• Company Secretary, SMEC(India) Private Limited

    Health care has not properly been taken as a business proposition eventhough the medical practitioners do earn a lot, much of which doesn't pass proper channels leading to generation of black money especially in India. It is a vicious circle in which it is rather difficult to pinpoint where alone the fault lies. The society attatches great value to 'M.B.B.S.' Admission to many colleges is possible on payment of huge capitation fees. Recovery starts as soon as the candidate qualifies and commences his practice. All methods are deployed to quickly earn as much as possible and business ethics are ignored. Faulty curriculum which does not include business management to desirable extent is also responsible for the young ones not to practise right practices including transparency. Even the control by regulatory authorities is lax. It is high time health care does not only teach health as such but the other connected needfuls too, and this in depth.

     
     
     
    • Bruce A Revis SR
    • Online Student, South University Savannah GA.

    Ms. Herzlinger has a clear understanding of what is needed in the field of Health Care Management studies. I have recently completed Long Term Care at my school, it was as if I were in a different educational setting. At the same time I was taking Human Resource Management and nothing was spoken of Healthcare or how this would be incorporated into the Health field. LTC was so enriching with all my Instructor taught, her teaching was so incredible because she focused on quality of care, managed care organizations, the loss of funds that are being cut out. She only concentrated on our little class with only the periles of LTC. I walked away with such a clear understanding of LTC and the consumer. I have to agree with her views of how the courses that are to support us in the Healthcare course have no vision of what the Healthcare field is about. I am now in Accounting III in one course and my other is Managerial Communications, it up to me to incorporate Healthcare into the course. Although my instructors are teaching their courses for everyone to learn at the level we are at, it not teaching the incorporation of healthcare in any of the courses. I have already figured out that it is up to me to combine all my academics into my major. It took me 55 years to finally get into healthcare, I want to be one that could would or should make a difference in the field. We are faced with the Baby Boomers, Disabled Veterans, the elderly, who depend on our system to take care of them because their quality of life has changed. Is it possible for anyone to understand the critical state our healthcare system is headed for? Why do hospitals and Nursing Homes, Assisted living facilities always give aggressive treatment when the patients are in their final stages of life? As stated is this system headed for those who are able to afford the quality care that all should be able to recieve. Without being educated in these areas history is sure to keep repeating its self. To make along story short, I find this article to be true in every aspect that it was intended. Thank You very much for such a eye opening experience. I have learned from this article that it pretty much up to me to go beyond what I am being taught to reach for more than what is taught. Excuse any miss spelled words or any other grammar mistakes, I had to comment on this article. Revis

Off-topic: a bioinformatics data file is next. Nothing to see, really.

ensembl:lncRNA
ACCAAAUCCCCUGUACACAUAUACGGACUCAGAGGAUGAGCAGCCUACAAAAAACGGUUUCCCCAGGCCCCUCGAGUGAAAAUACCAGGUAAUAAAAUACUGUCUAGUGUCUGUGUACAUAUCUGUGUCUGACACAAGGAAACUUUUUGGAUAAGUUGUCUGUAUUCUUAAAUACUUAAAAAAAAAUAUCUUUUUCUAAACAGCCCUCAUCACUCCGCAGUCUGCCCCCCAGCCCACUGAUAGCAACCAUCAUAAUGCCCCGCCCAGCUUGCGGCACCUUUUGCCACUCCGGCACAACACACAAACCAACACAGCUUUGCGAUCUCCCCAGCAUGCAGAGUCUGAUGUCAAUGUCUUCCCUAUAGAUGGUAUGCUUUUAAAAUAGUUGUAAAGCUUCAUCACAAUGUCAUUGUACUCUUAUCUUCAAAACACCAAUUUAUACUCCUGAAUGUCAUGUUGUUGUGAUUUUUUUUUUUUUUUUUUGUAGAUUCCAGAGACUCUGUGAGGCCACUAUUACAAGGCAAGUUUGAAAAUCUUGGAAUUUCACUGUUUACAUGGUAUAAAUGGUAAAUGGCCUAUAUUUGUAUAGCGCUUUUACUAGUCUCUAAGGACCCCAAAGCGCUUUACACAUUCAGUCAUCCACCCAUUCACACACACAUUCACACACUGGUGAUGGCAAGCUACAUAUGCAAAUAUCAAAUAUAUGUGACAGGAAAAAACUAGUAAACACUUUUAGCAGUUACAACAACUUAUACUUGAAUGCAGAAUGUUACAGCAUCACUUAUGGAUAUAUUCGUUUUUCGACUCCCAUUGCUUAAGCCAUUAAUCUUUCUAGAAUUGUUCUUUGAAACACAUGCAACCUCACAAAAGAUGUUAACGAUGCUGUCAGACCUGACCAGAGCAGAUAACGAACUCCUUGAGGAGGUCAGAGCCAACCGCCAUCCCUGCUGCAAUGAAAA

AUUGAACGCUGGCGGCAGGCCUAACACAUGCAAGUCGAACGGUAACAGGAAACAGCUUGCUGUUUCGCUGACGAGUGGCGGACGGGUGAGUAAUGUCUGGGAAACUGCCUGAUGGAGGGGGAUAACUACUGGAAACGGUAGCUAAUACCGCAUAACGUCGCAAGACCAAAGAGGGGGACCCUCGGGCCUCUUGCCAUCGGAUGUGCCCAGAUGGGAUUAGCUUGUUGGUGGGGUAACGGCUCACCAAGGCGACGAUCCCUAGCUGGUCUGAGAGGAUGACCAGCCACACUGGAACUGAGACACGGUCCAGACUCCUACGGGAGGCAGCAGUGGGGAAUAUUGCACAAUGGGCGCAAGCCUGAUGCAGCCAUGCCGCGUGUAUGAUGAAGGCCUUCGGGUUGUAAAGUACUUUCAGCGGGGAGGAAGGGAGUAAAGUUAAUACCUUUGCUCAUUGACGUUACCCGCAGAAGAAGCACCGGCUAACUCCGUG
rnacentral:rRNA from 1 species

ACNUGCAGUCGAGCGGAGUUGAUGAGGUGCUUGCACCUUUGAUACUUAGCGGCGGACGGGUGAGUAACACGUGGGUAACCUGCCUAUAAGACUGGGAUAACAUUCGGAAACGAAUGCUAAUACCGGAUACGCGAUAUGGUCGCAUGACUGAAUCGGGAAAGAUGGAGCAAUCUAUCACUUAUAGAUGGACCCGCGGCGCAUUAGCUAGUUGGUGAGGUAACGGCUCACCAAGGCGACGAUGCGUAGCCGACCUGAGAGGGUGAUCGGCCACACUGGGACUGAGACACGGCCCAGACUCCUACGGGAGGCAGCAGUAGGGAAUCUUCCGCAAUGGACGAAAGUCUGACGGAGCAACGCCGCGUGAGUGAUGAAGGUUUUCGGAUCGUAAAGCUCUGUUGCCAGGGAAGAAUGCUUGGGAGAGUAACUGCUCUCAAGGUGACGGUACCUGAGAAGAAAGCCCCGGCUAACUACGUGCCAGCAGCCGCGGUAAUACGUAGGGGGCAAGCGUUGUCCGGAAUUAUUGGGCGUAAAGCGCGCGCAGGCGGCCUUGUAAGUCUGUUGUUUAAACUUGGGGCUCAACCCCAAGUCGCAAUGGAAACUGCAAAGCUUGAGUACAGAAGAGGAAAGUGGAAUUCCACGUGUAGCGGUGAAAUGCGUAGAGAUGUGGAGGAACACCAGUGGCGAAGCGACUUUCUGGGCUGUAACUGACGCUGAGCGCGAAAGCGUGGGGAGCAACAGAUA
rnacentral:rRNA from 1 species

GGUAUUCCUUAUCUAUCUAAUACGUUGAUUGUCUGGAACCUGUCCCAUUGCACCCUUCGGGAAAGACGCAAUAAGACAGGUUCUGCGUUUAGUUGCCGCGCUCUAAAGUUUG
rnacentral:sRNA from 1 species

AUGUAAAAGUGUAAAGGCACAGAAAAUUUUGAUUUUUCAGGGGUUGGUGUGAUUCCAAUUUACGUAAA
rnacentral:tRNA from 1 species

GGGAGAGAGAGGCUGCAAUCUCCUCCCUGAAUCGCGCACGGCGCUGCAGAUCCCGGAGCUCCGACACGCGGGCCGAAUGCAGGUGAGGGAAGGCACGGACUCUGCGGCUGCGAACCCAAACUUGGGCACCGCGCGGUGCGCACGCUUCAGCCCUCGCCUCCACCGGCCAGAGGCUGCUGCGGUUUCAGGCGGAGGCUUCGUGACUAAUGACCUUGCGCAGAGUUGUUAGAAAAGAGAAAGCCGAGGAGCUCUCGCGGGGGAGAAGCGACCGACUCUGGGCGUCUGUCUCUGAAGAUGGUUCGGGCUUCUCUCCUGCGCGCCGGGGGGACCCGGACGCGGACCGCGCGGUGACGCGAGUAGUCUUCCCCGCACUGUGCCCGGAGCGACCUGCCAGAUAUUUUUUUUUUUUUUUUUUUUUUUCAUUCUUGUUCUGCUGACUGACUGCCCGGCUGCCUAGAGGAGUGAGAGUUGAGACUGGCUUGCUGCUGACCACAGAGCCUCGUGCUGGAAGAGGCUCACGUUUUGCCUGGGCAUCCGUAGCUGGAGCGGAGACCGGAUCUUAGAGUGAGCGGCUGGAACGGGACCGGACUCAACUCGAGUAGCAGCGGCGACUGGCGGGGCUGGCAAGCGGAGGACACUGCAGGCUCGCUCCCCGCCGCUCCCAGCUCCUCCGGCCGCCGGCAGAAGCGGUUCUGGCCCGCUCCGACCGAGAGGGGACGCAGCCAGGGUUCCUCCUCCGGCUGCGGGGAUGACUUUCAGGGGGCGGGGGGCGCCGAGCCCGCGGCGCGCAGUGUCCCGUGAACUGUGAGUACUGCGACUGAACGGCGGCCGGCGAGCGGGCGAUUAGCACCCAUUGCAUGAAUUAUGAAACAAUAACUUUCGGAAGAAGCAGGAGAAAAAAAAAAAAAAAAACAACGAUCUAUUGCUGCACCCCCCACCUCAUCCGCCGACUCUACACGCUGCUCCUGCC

• Russ
    • Expert, Med-Surg

    " .. Successful health care must be a personal, human, relationship because, in essence, that is what 'health' is about .."

    Mencken wrote that all governments involve power-mad people who, if not carefully monitored, will take every penny you have.

    "Hoping" for great medicine is not a license to grab every penny available.

    Authentic leaders lead and manage across various needs. Politicians, they try to grab every penny you have.

     
     
     
    • molotsi monyamane
    • Consultant Physician, Ministry of Health Lesotho

    The dual burden of communicable and non communicable diseases has brought in new challenges of the need of capacitating Heathcare Workers with Management Skills. I would like to have access to Healthcare Management Training for my Staff and a mentoship programme. Molotsi Monyamane